Sunday, 26 July 2015

Starting new pieces

It's always daunting but at the same time, exhilarating, starting a new body of work as I'm sure every Artist and Maker knows...

Last week I started to play with folding new forms from sheet metal, aiming to make wall pieces entirely from metal rather than mounted on wood. 

I cut this oval shape from a copper sheet that I'd first created a verdigris patina surface on.  By scoring a 'v' line in the metal, I was able to fold the shape.  This week I'll be making accompanying forms to join to this one, in contrasting metals.

Off to a good start, watch this space... 

Friday, 17 July 2015

Crafts Council Hothouse 5 - final workshop!

I spent yesterday with 'Hothouse 5', a group of emerging Makers who've been working over the last 6 months with the Crafts Council to establish an excellent grounding in both the creative and business aspects of making a living from their Craft.   On this, their last day of training, it was really clear what a significant change the programme had made, predominantly in confidence, and in the ability to articulate really clearly what they're trying to achieve over the next three years of launching their career.

 The group each presented their creative business for 10 minutes, followed by peer feedback from the group, alongside Katia Stewart, talent development manager at the Crafts Council, myself, and Karin Jordan, who runs postgraduate entrepreneurship courses at our venue, Plymouth College of Art.

I left Plymouth feeling energised, despite my early drive over from Bristol in the morning!

Monday, 6 July 2015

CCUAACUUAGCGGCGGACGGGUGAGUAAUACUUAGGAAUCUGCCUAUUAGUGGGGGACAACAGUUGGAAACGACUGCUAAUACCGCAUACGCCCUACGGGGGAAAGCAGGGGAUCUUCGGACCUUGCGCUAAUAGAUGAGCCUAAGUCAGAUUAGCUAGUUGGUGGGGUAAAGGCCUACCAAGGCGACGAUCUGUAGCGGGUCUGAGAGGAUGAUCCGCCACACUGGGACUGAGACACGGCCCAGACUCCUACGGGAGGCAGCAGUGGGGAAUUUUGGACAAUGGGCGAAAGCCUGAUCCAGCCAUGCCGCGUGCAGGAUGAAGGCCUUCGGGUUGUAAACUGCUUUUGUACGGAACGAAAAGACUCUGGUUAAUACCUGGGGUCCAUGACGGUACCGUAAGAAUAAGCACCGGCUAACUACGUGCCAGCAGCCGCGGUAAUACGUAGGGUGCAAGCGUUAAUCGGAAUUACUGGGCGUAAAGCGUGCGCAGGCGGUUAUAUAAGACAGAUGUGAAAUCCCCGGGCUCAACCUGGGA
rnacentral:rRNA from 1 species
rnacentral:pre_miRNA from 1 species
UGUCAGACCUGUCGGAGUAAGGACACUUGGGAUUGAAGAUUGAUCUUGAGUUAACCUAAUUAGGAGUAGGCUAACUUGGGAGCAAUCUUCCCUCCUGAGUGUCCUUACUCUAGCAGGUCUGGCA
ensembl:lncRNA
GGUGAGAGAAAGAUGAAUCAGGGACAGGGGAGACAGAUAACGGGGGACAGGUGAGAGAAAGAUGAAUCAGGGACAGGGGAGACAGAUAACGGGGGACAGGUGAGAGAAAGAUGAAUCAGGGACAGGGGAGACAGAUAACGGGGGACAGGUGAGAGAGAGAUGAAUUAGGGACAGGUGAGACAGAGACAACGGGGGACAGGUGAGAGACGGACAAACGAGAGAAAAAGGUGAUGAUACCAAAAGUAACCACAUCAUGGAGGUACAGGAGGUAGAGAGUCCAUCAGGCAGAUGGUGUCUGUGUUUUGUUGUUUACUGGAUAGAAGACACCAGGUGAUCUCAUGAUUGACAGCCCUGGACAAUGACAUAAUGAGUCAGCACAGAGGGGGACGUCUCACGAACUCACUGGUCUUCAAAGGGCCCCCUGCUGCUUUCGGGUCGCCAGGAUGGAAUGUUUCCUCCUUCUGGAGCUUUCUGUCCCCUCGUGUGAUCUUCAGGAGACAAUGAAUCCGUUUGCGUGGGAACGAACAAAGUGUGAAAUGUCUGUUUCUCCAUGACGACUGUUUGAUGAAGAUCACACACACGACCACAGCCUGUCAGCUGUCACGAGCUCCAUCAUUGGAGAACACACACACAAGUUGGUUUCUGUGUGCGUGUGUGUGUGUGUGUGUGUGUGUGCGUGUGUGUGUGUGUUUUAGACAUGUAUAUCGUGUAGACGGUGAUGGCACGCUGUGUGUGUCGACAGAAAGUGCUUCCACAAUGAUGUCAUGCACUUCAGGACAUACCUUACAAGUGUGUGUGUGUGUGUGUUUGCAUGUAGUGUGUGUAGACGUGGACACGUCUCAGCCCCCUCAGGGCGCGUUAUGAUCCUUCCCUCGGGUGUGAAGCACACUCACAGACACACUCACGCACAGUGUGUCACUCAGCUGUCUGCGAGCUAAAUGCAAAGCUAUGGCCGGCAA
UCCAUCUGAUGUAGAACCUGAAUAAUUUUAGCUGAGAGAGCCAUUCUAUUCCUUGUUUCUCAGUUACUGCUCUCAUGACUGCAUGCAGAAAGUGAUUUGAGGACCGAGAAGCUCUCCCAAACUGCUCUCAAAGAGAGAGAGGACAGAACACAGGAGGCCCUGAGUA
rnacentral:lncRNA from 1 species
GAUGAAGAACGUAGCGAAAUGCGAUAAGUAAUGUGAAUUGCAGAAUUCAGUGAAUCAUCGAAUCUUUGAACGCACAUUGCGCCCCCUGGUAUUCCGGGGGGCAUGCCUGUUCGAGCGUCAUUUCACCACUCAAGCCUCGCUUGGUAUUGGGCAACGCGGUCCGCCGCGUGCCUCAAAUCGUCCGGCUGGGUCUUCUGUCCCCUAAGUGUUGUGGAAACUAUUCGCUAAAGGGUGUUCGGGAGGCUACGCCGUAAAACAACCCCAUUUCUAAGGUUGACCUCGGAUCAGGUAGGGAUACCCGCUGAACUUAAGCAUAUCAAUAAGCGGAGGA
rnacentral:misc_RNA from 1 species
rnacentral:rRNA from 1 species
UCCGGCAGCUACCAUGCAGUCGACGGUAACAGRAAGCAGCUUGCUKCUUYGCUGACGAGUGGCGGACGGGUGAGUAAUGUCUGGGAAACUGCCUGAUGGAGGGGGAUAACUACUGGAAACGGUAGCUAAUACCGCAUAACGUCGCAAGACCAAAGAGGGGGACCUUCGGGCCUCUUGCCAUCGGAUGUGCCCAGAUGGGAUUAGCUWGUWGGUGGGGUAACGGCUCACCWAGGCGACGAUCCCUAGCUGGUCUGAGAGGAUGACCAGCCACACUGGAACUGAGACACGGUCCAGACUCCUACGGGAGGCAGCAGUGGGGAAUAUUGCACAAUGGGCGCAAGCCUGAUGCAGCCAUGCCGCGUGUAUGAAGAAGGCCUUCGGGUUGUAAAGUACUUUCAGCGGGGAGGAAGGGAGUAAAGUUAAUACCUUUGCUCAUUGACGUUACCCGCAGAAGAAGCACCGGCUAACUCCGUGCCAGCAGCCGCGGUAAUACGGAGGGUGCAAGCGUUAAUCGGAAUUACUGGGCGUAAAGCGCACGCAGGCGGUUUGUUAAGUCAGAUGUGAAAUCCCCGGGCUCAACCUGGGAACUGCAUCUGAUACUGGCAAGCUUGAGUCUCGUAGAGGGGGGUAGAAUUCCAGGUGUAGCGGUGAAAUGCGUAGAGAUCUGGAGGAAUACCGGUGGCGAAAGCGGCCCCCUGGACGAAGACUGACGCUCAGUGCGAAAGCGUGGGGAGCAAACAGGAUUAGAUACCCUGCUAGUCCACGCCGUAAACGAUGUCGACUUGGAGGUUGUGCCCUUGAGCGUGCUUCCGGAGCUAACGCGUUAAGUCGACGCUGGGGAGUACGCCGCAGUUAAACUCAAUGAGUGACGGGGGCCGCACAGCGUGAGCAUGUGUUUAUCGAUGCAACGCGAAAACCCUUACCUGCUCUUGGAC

The attraction of metal



With metal and metallic colours being incresingly popular in interiors, I've been thinking about why I have become so passionate about it as a material.  

Image from, Spruce Furn

When I was studying, I experimented with different materials; ceramics, cast resin and wood, but it was metal that seemed to suit the way I liked to make; I could put a piece I was working on down, for a day, a week, a month, then come back to it.  Apart from the colour of the surface changing as it oxidised with the air, the metal remained unchanged, ever ready for me to pick up and keep working on it. 

In contrast, it's how metal changes over long periods of time in outdoor contexts that fascinates me; a rusty corrugated iron shed, a verdigris covered bronze sculpture, an oxidised lead roof.... 

I took these photos in Berkeley, California, and in Denmark

Our mastery of the earth's natural resources teeters in delicate balance with nature who takes them back through their exposure to air and rainwater; a play between the preservation and decay of metal.

Blacksmith, Image from Jayperoni

Metal is commonly a functional material, used to create tools, electric circuit boards, strong architectural structures, amongst millions of other applications.  Some metals are hard like steel, and some are soft, like lead.   By varying the quantities of each metal in metal alloys, we create new metals with properties designed to fulfil particular functions, for example super stength, flexibility and reflectivity.  This is true in large scale industry, but also when making in metal by hand.

Image from freepatterns

What I love most about metal is the potential to use its properties; including colour, which can be manipulated with chemicals and heat, and texture, which can be created through engraving and acid-etching, to create images in its surface.

Metal wall pieces


About me

Metal Art


Public Art





Rebecca Gouldson